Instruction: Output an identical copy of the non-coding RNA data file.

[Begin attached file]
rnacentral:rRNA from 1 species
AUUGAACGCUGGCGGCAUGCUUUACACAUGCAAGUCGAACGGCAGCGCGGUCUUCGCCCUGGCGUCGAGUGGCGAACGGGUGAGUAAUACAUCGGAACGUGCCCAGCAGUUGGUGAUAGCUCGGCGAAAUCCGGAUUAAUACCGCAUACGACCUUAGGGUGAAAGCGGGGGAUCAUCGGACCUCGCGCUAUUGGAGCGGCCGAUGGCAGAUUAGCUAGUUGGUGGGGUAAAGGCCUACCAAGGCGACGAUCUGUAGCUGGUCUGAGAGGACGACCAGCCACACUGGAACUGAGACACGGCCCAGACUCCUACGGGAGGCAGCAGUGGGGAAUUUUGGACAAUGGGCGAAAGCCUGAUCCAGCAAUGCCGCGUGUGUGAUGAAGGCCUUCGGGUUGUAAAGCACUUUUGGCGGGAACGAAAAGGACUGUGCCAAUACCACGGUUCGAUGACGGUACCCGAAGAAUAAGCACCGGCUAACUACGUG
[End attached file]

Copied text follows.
rnacentral:rRNA from 1 species
AUUGAACGCUGGCGGCAUGCUUUACACAUGCAAGUCGAACGGCAGCGCGGUCUUCGCCCUGGCGUCGAGUGGCGAACGGGUGAGUAAUACAUCGGAACGUGCCCAGCAGUUGGUGAUAGCUCGGCGAAAUCCGGAUUAAUACCGCAUACGACCUUAGGGUGAAAGCGGGGGAUCAUCGGACCUCGCGCUAUUGGAGCGGCCGAUGGCAGAUUAGCUAGUUGGUGGGGUAAAGGCCUACCAAGGCGACGAUCUGUAGCUGGUCUGAGAGGACGACCAGCCACACUGGAACUGAGACACGGCCCAGACUCCUACGGGAGGCAGCAGUGGGGAAUUUUGGACAAUGGGCGAAAGCCUGAUCCAGCAAUGCCGCGUGUGUGAUGAAGGCCUUCGGGUUGUAAAGCACUUUUGGCGGGAACGAAAAGGACUGUGCCAAUACCACGGUUCGAUGACGGUACCCGAAGAAUAAGCACCGGCUAACUACGUG